LG: One of the things that his particular use of that aspect ratio signals is that they don’t take place in the real world, they take place in Wes Anderson Land, this magical, primary colored place, where everything is dioramas, fantasy and depression. This film, you can see bits of that style peeking out, especially in the final heist, which is the most Andersonian bit in the whole film. But it’s not all the way there. It’s on the border of Wes Anderson Land.
MO: A little bit, yeah…I think part of it is him still figuring out his style and working on a budget. But I feel like the primary characters and the relationships are there. A lot of the influences are there, too. We mentioned Truffaut, which is still there, but I also see a lot of J.D. Salinger. I see a lot of that in the more withdrawn, sad aspect of the characters, especially Anthony. He’s trying to protect his younger sister, his sister’s cynicism takes it out of him…
LG: I do like that the little 10-year-old sister is clearly the more mature of the two. It’s a fun bit I wish there was more of.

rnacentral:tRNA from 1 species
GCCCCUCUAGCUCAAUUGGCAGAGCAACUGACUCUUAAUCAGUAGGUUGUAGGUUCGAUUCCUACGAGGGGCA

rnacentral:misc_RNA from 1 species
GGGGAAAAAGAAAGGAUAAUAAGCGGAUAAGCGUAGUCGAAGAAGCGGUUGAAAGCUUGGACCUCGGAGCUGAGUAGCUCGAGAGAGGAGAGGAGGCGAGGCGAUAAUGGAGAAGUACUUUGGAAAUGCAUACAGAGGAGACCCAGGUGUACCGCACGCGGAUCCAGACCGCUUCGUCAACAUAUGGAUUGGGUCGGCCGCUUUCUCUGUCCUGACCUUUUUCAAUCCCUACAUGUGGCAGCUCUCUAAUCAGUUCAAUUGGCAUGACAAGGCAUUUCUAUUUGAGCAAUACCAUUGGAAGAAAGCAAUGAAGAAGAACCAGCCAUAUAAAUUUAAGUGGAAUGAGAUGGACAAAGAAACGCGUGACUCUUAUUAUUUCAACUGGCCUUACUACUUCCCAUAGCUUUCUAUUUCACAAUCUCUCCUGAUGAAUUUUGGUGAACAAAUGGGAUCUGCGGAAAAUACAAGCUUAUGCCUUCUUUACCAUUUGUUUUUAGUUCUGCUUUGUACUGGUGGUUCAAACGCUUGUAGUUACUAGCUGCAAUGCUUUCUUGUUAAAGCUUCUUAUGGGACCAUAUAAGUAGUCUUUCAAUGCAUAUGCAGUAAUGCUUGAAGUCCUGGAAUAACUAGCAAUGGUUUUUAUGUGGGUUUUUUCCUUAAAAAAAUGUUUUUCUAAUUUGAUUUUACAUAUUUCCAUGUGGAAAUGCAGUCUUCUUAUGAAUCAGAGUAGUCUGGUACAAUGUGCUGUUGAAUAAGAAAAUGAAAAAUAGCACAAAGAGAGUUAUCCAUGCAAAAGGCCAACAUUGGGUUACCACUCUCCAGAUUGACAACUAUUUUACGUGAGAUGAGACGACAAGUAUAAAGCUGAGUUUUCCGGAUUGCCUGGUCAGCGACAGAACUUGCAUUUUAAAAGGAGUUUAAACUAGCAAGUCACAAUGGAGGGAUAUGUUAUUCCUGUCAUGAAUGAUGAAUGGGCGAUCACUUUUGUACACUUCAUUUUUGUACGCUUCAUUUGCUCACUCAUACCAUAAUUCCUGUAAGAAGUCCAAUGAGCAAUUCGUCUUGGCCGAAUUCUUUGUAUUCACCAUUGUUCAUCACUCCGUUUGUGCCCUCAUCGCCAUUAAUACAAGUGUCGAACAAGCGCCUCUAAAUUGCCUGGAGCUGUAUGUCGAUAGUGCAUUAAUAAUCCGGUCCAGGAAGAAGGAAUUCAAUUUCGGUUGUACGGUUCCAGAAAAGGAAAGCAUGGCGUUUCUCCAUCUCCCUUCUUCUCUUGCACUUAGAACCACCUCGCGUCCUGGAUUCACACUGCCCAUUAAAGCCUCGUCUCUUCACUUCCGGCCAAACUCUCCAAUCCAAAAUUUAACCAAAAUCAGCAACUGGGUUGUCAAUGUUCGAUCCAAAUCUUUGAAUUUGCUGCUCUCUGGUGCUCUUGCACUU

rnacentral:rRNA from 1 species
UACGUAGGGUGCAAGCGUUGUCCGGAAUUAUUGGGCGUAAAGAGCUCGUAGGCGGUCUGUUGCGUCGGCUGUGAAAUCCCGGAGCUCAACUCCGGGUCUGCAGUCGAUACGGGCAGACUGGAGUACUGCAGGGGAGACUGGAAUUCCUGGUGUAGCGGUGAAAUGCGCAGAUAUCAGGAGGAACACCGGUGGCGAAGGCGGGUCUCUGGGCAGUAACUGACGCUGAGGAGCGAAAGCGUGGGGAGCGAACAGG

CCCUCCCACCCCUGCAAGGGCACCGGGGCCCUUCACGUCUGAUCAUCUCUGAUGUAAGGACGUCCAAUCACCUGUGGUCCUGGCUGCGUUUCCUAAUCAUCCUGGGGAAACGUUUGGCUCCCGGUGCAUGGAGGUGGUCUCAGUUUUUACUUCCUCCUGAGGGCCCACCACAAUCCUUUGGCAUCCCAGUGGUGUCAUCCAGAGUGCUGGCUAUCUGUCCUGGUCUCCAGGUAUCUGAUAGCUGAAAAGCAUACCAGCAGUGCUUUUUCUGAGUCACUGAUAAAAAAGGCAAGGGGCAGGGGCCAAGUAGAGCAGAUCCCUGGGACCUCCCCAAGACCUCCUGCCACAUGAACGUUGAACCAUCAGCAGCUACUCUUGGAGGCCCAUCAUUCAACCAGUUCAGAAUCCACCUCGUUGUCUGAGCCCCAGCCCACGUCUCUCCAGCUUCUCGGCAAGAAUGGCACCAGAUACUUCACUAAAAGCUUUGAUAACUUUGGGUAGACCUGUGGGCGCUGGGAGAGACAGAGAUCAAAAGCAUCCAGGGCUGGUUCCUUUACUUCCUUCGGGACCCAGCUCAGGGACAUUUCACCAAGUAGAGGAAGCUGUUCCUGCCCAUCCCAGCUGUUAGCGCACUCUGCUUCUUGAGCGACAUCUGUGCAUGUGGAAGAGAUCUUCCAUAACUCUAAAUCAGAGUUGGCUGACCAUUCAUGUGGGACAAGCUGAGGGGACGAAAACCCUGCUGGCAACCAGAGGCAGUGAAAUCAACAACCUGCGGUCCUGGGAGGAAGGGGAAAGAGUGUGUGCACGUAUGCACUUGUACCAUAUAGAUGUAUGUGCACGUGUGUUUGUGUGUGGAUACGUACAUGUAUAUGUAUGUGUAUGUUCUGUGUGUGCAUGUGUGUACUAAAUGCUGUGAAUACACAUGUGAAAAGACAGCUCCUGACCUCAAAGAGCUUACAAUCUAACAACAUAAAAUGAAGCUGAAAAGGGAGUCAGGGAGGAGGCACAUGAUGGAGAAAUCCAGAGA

MO: It’s a fun bit, and it’s indicative of what Anderson’s going to be doing for a long time with these people who are stuck because of emotional trauma. With Anthony, we hear bits about a bad relationship that sent him to check into a mental hospital. It’s nice that he’s able to get taken out of that. Dignan’s version of getting out of arrested development is being able to pull off – well, not pull off, because it’s a total failure, but he tries, damn it.
LG: I do love Kumar Pullana, the older Indian actor who Wes Anderson cast a lot before his recent death. He plays an old safecracker who can’t remember how to crack the safe.
MO: My understanding was that he never actually knew, which to me might be even funnier.